Shares of GT Advanced Technologies (NASDAQOTH:GTATQ) are up sharply in 2014, around 83%, after reaching even higher -- almost 120% -- back in March, and insiders are capitalizing, having sold some $32 million worth of shares already this year. The thing is, insiders only sold a total of $1.1 million in shares all of 2013.

Is this an indication that insiders are expecting the stock to tumble? Is it time to move on, and maybe invest in a company like SolarCity (NASDAQ:SCTY.DL), which is growing like crazy, and has Elon Musk -- who holds more than 20% of the company -- as the largest shareholder? Let's dig in, and see what we can learn about all this insider activity.

Peeling back the layers 
One of the great things about being an investor today is how easy it is to get information. This can also be one of the worst things about being an investor today. The bottom line is, too much data can be dangerous if you don't understand what it means. Insider buying and selling is one area that can be easily misunderstood. Let's take GT Advanced's CEO Tom Gutierrez, for example. 

Sapphire is just one of many great technologies in GT's lineup. Source: GTAT

So far in 2014, he's sold some $9.2 million in stock, after selling only enough shares to satisfy tax withholding -- around $600,000 -- for options that he received in 2013. It's pretty clear that Gutierrez considered the shares, which traded as low as $2.66 last year, to be quite undervalued based on the potential for the business. Since he was able to sell those shares in March for as much as $17.27, it's pretty clear that holding out was definitely the best call for his personal wealth. But that doesn't answer the question: Is it time to get out? If he's so confident in the company, why not wait even longer? It's not that simple. 

A little more context 
Here's some personal insight. My wife works for a large company that uses stock grants to attract highly qualified people. It's a fantastic company, a leader in its industry, and growing quickly. This is the kind of company that has turned janitors into millionaires, and the stock is a great long-term investment. However, when my wife's stock grant comes up next year, we'll probably sell 75% of the shares. The reason why is simple: Financial diversification. 

If we were to sell 30% of her grant to cover federal, state, and local taxes, keeping the other 70%, our financial stake in my wife's employer would be somewhere around 25% of our portfolio, and that's before the grants come due in 2016 and 2017. Simply put, as great as my wife's employer is, neither of us are comfortable with that many of our financial eggs in the same basket. 

As it says on one of Gutierrez' Form 4 submissions, "This transaction was effected pursuant to a Rule 10b5-1 Plan adopted by reporting person on March 14, 2014 in order to implement a plan of financial diversification." I can understand that. 

Insider sales at SolarCity 
SolarCity CEO and co-founder Lyndon Rive has sold some $14 million in shares this year, while brother Peter, also a co-founder and SolarCity's COO and CTO, sold $2.2 million in shares in 2014, and you don't hear many people shouting that SolarCity is in trouble. After all, the company is projecting it will install more than double as much solar capacity in 2014 as it did a year ago, and that it could double that number in 2015. Add in that the business is largely built on a model of long-term contracts -- as in 20 years -- and retained value of these contracts, and this is a company that's being built for the long haul.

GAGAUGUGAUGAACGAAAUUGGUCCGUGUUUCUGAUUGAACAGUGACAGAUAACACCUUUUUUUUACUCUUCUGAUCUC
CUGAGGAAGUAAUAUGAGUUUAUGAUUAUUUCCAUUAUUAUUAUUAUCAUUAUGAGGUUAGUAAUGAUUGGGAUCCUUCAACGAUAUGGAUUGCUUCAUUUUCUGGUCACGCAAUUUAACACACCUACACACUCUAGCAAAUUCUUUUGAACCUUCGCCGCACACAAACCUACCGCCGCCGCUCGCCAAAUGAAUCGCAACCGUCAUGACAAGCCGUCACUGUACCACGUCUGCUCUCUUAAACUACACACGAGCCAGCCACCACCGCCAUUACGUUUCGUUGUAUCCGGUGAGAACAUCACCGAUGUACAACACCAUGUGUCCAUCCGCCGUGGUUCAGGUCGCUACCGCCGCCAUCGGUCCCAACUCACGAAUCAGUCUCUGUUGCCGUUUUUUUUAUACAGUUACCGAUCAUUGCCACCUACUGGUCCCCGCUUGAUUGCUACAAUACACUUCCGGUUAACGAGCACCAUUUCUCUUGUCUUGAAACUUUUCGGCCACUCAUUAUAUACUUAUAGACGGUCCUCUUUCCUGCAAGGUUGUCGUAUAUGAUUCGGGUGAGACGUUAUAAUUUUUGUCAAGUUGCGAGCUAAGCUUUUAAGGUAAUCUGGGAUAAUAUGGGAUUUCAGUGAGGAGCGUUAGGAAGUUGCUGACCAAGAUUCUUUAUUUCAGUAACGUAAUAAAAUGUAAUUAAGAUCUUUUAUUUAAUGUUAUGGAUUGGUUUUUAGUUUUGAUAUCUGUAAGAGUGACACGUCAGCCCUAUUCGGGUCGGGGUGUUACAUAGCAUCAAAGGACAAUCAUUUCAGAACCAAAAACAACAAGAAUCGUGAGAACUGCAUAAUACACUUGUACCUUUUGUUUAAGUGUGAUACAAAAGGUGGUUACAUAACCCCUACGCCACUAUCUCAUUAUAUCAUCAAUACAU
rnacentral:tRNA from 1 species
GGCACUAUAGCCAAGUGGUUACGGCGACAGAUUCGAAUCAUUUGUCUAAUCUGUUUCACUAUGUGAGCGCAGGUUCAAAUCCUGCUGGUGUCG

REC Group's manufacturing is in Singapore, and not subject to the recent tariffs. Source: REC

There is some concern around the recent announcement that Chinese-manufactured solar panels will now face a tariff of between 18% and 32%. This will increase costs for SolarCity and other installers, which use less-expensive panels such as those from China, versus competitors whose panels are made anywhere else. I'm not convinced that this will change the landscape that much, because many of SolarCity's smaller competitors are using similar panels, and will face the same cost increases. More efficient panels, like those made by SunPower, simply cost more already, and won't necessarily become more competitive for most residential installations. 

SolarCity is already responding to the potential for cost increases in Chinese-made panels, just announcing an agreement with Norwegian REC Group to buy as many as 240 MW worth of solar panels. With its panels being trade-compliant (and thus tariff-free), this could help SolarCity continue to add to its bottom line and move toward profitability. 

Focus on the business, and don't mistake compensation from investments 
As with my wife's stock grants, insiders often get stock as part of their compensation. Some choose to sell a lot, while others choose to keep most and only sell enough to cover taxes. The bottom line is that these stocks are a form of income, paid for performance, and not shares that any of these insiders bought. 

The key for both SolarCity and GT Advanced shareholders is to keep focusing on the business results. GT has really enhanced its offerings, and as solar manufacturers look for ways to increase panel efficiency and reduce costs, it's well-positioned to benefit. For SolarCity, the story is still about growing its installed base -- especially PPA and lease agreements -- and expanding into new markets. 

And all those shares our insiders have sold? Don't forget: they all have more stock grants coming. They're still personally invested in success.